Fabio Silvio Mario Araimo Morselli*, Paolo Tordiglione, Ilaria Scarpa, Francesco Zuccarini and Giovanni Rosa
Department of Anaesthesiology and Critical Care Medicine, Sapienza University of Rome, Italy
Received: 16 August, 2014; Accepted: 04 September, 2014; Published: 06 September, 2014
Fabio Silvio Mario Araimo Morselli, Department of Anaesthesiology and Critical Care Medicine, Sapienza University of Rome, Italy, Email:
Araimo Morselli FSM, Tordiglione P, Scarpa I, Zuccarini F, Rosa G (2014) Severe Repeated Hypotension Occurred after Rocuronium Administrations in a Morbidly Obese Patient: A Case Report. Glob J Anesthesiol 1(1): 013-015. DOI: 10.17352/2455-3476.000003
© 2014 Araimo Morselli FSM, et al. This is an open-access article distributed under the terms of the Creative Commons Attribution License, which permits unrestricted use, distribution, and reproduction in any medium, provided the original author and source are credited.
Rocuronium; Hypotension; Severe obesity
Rocuronium pharmacokinetics and pharmacodynamics can be influenced by several factors like gender and obesity. We propose a brief report of a patient (59 years old, weight 135 kg, BMI 52.7) who showed three episodes of severe hypotension not responsive to continuous noradrenaline infusion therapy after rocuronium administration (dose 0.6 mg/kg; total dose: 50 mg) not based on her IBW (ideal body weight).
Rocuronium has the most rapid onset of action among the non-depolarizing neuromuscular blocking drugs; doses of 0.6-0.9 mg/Kg guarantee a complete block in about 60-90 seconds and good or excellent intubating conditions in 60 seconds [1,2].
Its pharmacokinetics and pharmacodynamics can be influenced by different factors as age, inhaled anesthetics, hepatic and renal insufficiency, hypothermia, gender and obesity [3-8].
Rocuronium has been shown to cause less histamine release and cardiovascular instability than benzylisoquinolinum neuromuscular blocking agents such as atracurium and mivacurium , however it can act as an antigen: in our clinical experience three acute reactions occurred after its administration in the same patient.
A 59 years old female unconscious (GCS 3), weight 135 Kg (BMI 52.7), intubated (oro-tracheal tube Ø 7), in spontaneous ventilation manually assisted, in treatment for hypertension, arrived at the Emergency Department, Subiaco Hospital.
Mechanical ventilation in IPPV (Intermittent Positive-Pressure Ventilation), FiO2 100%, was immediately set along with continuous infusion of propofol 2% (2-4 mg/kg/hr; 10-20 ml/hr). Relative bradycardia was corrected by two atropine boluses i.v. (0.5 + 0.5 mg).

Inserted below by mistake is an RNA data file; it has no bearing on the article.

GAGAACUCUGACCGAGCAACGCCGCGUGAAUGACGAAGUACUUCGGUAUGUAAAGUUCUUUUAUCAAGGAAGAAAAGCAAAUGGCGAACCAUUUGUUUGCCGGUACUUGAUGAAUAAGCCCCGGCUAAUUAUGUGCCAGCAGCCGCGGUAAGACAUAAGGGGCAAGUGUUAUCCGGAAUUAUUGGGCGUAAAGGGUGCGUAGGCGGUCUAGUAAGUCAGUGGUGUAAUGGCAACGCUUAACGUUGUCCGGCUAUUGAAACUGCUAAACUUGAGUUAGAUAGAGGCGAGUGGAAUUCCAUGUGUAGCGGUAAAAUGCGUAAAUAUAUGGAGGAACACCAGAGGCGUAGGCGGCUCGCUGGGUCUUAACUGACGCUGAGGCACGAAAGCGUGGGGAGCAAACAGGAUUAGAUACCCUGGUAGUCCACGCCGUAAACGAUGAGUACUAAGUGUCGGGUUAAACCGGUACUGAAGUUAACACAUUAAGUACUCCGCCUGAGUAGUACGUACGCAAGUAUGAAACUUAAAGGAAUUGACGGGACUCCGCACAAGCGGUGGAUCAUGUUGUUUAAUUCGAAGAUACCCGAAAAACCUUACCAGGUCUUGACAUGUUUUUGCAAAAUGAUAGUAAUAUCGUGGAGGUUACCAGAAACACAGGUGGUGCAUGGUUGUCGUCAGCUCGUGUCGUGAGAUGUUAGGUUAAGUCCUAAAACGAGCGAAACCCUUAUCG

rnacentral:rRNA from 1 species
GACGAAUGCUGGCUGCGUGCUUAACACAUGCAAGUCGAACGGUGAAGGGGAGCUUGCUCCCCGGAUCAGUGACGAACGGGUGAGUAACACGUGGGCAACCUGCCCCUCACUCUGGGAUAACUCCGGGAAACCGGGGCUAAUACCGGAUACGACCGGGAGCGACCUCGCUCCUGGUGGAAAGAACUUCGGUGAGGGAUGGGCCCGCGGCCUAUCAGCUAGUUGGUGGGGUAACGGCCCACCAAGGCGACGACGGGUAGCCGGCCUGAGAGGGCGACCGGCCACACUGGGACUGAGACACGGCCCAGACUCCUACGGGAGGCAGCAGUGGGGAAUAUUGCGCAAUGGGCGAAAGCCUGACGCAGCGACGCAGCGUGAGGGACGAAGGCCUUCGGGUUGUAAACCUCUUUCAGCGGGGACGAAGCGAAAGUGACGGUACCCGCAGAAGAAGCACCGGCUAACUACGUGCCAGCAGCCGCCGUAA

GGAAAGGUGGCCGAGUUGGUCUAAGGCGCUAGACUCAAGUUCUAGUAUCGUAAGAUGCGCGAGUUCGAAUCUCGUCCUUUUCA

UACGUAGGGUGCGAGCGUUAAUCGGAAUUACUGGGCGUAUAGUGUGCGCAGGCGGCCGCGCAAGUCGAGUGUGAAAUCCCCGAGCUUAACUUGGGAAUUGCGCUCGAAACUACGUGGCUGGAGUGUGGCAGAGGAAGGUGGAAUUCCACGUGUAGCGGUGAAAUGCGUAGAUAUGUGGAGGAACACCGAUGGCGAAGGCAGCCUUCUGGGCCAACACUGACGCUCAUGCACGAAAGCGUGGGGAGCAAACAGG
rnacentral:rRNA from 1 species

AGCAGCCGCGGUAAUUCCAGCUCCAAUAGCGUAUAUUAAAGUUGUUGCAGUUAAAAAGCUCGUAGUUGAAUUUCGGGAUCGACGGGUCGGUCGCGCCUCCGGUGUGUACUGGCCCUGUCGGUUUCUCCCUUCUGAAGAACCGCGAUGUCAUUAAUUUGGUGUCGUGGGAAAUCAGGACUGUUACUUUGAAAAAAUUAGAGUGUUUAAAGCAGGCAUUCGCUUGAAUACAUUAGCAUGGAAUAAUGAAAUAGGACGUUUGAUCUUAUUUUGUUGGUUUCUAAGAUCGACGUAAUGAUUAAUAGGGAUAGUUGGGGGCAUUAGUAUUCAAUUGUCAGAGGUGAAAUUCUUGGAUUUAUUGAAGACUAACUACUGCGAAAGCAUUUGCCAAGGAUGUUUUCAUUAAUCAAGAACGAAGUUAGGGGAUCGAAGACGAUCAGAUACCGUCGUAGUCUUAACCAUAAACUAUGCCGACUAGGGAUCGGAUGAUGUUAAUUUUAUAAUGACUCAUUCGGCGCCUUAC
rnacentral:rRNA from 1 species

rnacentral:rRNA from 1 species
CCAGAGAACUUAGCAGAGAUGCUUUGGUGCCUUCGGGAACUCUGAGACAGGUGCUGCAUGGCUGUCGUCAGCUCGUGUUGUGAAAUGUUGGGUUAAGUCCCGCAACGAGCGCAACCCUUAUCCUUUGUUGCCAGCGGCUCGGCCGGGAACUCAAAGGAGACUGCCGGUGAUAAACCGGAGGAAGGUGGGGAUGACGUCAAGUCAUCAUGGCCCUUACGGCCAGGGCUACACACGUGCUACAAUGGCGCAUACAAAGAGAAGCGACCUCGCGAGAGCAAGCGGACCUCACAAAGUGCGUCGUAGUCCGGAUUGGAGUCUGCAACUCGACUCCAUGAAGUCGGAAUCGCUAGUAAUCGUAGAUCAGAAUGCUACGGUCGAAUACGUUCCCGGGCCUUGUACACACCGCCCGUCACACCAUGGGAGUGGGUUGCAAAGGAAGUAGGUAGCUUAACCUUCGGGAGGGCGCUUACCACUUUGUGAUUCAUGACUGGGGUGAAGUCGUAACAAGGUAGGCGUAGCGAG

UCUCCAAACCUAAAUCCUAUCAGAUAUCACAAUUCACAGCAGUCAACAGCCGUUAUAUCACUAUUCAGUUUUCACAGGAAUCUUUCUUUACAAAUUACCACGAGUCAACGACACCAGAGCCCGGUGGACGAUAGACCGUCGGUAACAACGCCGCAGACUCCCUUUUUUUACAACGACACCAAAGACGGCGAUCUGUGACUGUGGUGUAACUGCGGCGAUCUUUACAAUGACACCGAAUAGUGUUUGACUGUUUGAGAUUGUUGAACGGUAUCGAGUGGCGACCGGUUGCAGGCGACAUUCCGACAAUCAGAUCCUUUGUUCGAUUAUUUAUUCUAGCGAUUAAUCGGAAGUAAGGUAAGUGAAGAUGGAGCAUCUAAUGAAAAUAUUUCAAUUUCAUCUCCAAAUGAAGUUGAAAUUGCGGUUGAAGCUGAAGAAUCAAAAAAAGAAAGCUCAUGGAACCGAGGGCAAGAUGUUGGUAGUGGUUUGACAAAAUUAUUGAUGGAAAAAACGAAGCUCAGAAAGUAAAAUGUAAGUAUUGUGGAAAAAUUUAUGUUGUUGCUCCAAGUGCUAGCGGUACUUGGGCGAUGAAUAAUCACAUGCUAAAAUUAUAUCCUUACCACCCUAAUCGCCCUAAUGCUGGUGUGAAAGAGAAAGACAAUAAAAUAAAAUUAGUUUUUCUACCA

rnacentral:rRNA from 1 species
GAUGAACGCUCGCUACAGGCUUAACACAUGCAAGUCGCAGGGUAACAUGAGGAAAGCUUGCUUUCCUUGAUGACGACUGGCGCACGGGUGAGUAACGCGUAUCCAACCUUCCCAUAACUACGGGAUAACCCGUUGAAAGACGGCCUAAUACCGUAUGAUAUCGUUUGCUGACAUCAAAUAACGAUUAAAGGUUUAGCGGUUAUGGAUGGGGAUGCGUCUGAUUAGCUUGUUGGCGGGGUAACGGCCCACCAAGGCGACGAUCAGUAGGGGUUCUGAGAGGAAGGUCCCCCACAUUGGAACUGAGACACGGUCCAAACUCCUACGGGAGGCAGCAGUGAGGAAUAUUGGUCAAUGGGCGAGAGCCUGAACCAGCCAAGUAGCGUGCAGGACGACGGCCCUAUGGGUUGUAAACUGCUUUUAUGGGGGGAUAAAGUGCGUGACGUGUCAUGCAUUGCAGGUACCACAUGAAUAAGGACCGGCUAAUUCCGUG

An episode of hypotension was treated by stopping propofol infusion and starting Emagel 1000 ml (polygeline 38 g/L) and noradrenaline (0.05-1 μg/kg/min; 10 ml/hr) infusion.
One hour and a half later, blood pressure was 140/110 mmHg.
The patient sedated, intubated, under manual assisted ventilation and neurologically not evaluable was moved to our Emergency Department.
The therapy was confirmed by neurosurgical consultation: the patient underwent mannitol 18% solution (100 ml x 4/day i.v.), nimodipine (15-30 μg/kg/hr; 10 ml/hr), pantoprazole (40 mg i.v.).
The patient was easily arousable, CGS 14 and underwent to propofol 2% (2-4 mg/kg/hr; 10-20 ml/hr), remifentanil (0.75-1 μg/kg/min; 6 ml/h).
The patient underwent CT cerebral angiography. It showed right emisphere subdural hematoma and posterior cerebral artery aneurysm (diameter: 7 x 4 mm).
The patient was moved back to the Emergency Department. An episode of persistent hypotension occurred and was treated by stopping propofol, remifentanil and nimodipine infusion along with Emagel 500 ml (polygeline 38 g/L) and noradrenaline (0.05-1 μg/kg/min; 3-10 ml/hr) infusion. After few minutes, MABP (Mean Arterial Blood Pressure) was about 60-80 mmHg.
Blood pressure was slowly improving.
The patient was hemodinamically stable; after neurosurgical consultation dose of mannitol 18% was increased to 100 ml x 6/day and a second CT cerebral angiography was performed.
3 - 3:45 p.m.:
Surgical operation for single burr hole drainage of the cerebral hematoma: the patient arrived in neurosurgery intubated, in manually assisted ventilation, with continuous infusion therapy of propofol 2% (2-4 mg/kg/hr; 10-20 ml/hr), remifentanil (0.75-1 μg/kg/min; 6 ml/h) and nimodipine (15-30 μg/kg/hr; 10 ml/h). Mechanical ventilation CMV (Controlled Mechanical Ventilation) was immediately set up; continuous infusion of propofol 2% and remifentanil was maintained and modulated for sedation.
When patient-ventilator dyssynchrony occurred neuromuscular blocking was induced with rocuronium (dose 0.6 mg/kg; total dose: 50 mg); suddenly the first episode of persistent hypotension linked to rocuronium administration occurred and was treated by stopping propofol, remifentanil and nomidipine infusion and starting Emagel 500 ml (polygeline 38 g/L) and noradrenaline (0.05-1 μg/kg/min; 3-10 ml/hr) infusion.
After few minutes, MABP was about 60-80 mmHg; noradrenaline's infusion was slowed down as blood pressure rose. It took about two hours before blood pressure reached values of 120/60 mmHg.
During surgery 1000 ml of saline solution 0.9% were infused; fluid balance over 24 hours was about - 500 ml.